Unanswered Questions: Evan's story - KWWL - Eastern Iowa Breaking News, Weather, Closings

Unanswered Questions: Evan's story

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"It was 3:30 in the morning and I opened the door and I could see all of the lights were on. I thought that kid went to bed and forgot to turn off the lights. All of the lights were on downstairs...and I got to the top of the basement stairs...sorry.  That's when you found him?"

It was there, in her basement, that Wendy Christensen came face to face with the unimaginable.  Her 15-year-old son Evan...the kid who loved to be around his family...was gone.  It was there, in her basement, that Wendy's son took his own life.

"My mom called me and I could literally feel my heart hitting the floor."

Alan Mast, Wendy's brother and Evan's uncle, drove an hour to get to his sister's house in the middle of that night.

"They had him where he was...before they moved him. I wanted to see him...I just needed to," Mast said.

Wendy, Alan and the rest of their tight knit family were shocked.  There were no signs they saw leading up to that fateful night.

"Evan was a free-spirit always wanted to do right by people.  Sometimes he felt like he didn't always fit in...just wanted people to like him," Mast said.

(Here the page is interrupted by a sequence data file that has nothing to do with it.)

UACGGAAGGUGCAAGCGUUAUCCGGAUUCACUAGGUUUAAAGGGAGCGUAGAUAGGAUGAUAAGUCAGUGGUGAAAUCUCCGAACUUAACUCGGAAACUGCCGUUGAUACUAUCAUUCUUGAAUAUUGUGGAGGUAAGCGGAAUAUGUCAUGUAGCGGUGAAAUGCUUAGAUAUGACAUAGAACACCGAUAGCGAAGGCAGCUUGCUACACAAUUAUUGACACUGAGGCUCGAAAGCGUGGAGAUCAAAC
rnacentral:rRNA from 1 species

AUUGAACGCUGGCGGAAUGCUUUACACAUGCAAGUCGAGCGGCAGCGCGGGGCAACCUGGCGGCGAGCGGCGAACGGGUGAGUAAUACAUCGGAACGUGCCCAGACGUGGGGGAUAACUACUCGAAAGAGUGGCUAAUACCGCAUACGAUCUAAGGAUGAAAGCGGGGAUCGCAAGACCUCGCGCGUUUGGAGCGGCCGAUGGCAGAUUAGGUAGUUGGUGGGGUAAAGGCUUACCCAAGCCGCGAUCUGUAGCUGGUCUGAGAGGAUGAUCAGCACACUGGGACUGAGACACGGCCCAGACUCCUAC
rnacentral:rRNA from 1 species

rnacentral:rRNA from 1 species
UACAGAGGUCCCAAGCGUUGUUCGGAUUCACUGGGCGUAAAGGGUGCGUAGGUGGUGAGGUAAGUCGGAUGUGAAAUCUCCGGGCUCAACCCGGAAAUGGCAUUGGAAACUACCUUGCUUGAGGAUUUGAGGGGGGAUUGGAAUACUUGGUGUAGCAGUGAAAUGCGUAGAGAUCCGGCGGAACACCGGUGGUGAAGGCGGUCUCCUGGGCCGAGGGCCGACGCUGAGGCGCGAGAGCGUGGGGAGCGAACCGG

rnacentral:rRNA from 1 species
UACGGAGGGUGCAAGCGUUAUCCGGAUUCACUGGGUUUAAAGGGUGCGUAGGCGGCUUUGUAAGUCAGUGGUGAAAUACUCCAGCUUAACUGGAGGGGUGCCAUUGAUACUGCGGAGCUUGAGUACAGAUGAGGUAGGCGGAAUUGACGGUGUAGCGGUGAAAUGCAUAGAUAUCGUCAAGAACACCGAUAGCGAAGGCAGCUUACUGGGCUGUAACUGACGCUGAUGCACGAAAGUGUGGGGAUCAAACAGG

"My last day with him I never knew anything was wrong with him. He would always stay up late.  That night he said, it's OK mom, go to bed...I love you," Wendy said.

There were no signs before but Evan left clues behind...like pieces to a puzzle.

"I find out after the fact that he was failing every single subject and I never knew anything about it," Wendy said.

Evan was failing.  And his uncle and grandfather found so many completed assignments in his folders – completed but never handed in.

He cut ties with nearly every single family member on social media.  It was a storm of problems...when Wendy realized she found the lightning bolt that potentially started it all.  

"I found a poem on his phone that somebody sent to him...it basically told him to go hang himself because the world would be a better place if he would. What I want to know is – how could you be so cruel?"

Just days before his death, Evan's grandmother noticed writing on his arms – he quickly covered up – told her it was nothing – told her he was fine.

After he was gone, his family found a picture in his phone – it showed his arms covered in hateful and hurtful words – he texted someone that picture and said “This is what i hear every day at school.”

"That's probably the hardest thing for us to accept – knowing he was open with us...kept so much closed," Mast said.

Were there missed signs all along masked by his beaming smile?

Were there too many "I'm fine" responses?

It's questions like those...moments like that...that continue to haunt Wendy. 

"I hope nobody ever has to go through that. It's the hardest all of the what ifs...I wish he would have come talk to me. I wish I could have helped him. I wish somebody would have told me what was going on," Wendy said.

A family – closer and stronger – but forever broken.  Evan's cousin Kylie – her words – forever etched.

“You have left and I am broken. But for you, Heaven's gates are open. I cried today because there was so much left to say.  Even though I miss your smile, the moments we shared were all the worth while. It wasn't long enough together, but it was long enough to last forever. And while I pray and say amen, I know I will see you again."

"As a mom, what do you miss the most about Evan?" 

"Everything."

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